Chakaia Booker (1953) made ‘Anonymous Donor’ for the Renwick Gallery of the Smithsonian in Washington DC. Until July 10, 2016.
“Booker does not want to belabor her process or the meaning of her work. At various times over her four-decade career, she’s said her abstractions speak to the environment and ecology, the diversity of humanity and African Americans in particular, the slavery experience, the industrial world and communication.
Detail Anonymous Donor, 2015.
She says she does not pre-ordain values or expectations—the products of her labor are there for the public to enjoy or not, to make their own interpretations, or to take them simply for what they are: giant assemblages of rubber and steel. “My intention is to translate materials into imagery that will stimulate people to consider themselves as a part of their environment, as one piece of a larger whole,” Booker told Sculpture magazine in 2003, in a rare lengthy interview.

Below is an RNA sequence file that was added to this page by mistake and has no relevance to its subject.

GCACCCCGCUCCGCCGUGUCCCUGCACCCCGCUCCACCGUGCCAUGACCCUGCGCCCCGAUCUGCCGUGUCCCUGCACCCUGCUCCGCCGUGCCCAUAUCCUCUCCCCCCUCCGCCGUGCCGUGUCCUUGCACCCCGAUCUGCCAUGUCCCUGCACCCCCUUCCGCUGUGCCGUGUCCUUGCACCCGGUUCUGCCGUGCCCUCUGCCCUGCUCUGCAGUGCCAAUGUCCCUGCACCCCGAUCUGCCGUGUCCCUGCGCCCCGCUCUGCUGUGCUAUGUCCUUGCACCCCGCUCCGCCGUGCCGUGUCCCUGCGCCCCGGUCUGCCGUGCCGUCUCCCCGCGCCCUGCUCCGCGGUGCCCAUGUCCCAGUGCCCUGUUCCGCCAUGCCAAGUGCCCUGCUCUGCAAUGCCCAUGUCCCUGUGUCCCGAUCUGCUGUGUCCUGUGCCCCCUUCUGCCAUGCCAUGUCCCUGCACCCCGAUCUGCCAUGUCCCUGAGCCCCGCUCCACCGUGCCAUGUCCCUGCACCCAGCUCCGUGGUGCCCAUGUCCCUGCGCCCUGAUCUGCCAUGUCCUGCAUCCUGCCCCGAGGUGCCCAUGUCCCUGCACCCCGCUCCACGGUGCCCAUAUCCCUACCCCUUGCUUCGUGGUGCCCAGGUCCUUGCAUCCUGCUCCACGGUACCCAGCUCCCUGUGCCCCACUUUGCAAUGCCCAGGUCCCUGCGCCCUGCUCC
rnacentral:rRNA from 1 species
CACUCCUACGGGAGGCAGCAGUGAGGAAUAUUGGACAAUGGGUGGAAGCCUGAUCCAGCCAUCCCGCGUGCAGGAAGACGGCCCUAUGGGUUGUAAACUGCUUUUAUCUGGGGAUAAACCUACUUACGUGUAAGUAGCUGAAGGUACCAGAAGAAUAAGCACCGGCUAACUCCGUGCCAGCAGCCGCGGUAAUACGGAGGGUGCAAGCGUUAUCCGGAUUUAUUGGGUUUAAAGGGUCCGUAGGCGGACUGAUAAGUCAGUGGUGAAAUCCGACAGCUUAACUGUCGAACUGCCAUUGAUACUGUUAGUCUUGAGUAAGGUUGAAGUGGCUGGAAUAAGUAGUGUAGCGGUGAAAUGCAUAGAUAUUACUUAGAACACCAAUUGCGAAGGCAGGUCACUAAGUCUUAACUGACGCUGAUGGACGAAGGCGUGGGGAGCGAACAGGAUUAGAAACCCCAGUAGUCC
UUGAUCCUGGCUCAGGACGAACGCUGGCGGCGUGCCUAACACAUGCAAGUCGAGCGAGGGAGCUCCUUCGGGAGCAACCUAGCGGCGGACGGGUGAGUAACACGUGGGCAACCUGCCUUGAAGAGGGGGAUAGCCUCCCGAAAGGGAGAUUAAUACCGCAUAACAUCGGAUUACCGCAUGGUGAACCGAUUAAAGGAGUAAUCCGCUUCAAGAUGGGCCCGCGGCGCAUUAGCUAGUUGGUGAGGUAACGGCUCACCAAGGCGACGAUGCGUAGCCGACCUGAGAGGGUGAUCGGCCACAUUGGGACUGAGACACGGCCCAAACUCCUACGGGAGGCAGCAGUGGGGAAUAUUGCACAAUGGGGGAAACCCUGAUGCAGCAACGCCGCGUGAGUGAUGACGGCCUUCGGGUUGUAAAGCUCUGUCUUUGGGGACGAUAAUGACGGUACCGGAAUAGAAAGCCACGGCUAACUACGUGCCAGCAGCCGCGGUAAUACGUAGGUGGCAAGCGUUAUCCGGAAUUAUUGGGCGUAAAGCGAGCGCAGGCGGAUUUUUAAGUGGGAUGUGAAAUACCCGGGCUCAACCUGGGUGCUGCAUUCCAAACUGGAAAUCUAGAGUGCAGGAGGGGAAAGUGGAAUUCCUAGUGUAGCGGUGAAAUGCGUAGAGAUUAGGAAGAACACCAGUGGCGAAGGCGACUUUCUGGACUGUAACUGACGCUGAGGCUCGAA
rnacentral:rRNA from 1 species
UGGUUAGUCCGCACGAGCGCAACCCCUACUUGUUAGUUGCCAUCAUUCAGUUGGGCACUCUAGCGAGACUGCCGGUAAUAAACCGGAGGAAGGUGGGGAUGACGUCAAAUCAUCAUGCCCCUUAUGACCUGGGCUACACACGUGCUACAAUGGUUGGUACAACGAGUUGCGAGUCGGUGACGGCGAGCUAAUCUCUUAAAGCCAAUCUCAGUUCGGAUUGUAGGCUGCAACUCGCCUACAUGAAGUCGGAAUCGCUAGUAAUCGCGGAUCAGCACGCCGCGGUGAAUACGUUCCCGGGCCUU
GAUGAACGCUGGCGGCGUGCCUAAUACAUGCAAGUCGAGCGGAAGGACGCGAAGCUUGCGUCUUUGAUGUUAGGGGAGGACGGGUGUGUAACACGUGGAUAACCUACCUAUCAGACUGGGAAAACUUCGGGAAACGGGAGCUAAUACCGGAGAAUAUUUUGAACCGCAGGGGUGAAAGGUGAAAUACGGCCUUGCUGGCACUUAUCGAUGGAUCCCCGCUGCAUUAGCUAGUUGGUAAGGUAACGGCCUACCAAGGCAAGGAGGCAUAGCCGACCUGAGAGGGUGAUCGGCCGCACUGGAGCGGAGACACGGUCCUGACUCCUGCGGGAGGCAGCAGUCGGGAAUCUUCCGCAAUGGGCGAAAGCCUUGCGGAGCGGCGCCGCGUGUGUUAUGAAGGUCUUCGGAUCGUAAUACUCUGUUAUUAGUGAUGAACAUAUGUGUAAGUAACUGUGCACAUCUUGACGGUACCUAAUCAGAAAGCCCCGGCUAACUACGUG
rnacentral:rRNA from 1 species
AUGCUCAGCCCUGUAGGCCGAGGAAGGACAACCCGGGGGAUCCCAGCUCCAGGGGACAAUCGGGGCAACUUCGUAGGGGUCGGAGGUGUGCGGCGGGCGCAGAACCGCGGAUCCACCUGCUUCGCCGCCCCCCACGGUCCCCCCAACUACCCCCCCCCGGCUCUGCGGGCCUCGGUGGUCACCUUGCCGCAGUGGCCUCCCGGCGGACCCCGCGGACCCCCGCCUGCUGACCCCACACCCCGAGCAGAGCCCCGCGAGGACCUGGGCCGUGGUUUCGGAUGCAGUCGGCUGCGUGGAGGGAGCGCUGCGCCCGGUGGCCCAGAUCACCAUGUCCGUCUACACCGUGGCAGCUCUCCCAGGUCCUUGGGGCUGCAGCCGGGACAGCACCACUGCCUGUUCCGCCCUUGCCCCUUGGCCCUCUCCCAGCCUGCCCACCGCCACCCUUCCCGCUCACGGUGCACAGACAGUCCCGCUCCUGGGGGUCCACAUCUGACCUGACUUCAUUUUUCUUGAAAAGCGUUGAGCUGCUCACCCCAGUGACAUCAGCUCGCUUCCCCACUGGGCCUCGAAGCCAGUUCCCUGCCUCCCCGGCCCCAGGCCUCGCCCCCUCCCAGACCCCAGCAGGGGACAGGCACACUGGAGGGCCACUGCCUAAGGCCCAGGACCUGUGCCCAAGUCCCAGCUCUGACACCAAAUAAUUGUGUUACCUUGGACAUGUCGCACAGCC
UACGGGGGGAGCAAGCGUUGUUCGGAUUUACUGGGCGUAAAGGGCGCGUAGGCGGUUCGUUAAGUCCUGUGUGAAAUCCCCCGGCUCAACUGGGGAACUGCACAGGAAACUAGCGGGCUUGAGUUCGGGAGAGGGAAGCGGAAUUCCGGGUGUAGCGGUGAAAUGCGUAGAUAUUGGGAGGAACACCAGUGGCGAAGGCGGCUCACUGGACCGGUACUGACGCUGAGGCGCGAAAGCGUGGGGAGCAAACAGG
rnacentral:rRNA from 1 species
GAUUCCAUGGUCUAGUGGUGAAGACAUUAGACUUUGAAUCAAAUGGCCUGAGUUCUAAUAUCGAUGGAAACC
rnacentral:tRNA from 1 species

“My intention is to translate materials into imagery that will stimulate people to consider themselves as a part of their environment, as one piece of a larger whole,” Booker has said. (Nelson Tejada)
“Whether I use an architectural format or something to look at, I believe art should dialog with viewers,” she added. She says she feels the same about Anonymous Donor, her piece at the Renwick. Though the title refers to what she calls “the lack of inclusion,” it is up to the viewer to decide what it is telling them, says Booker.
It’s an approach that the show’s curator Nicholas Bell endorses. “I don’t want to be telling people what they may be seeing,” he says. “I really just want people to try and spend some time figuring out what they’re reacting to, and what that means for them.” (from the website of Smithsonian, a quote out of a text by Alicia Ault)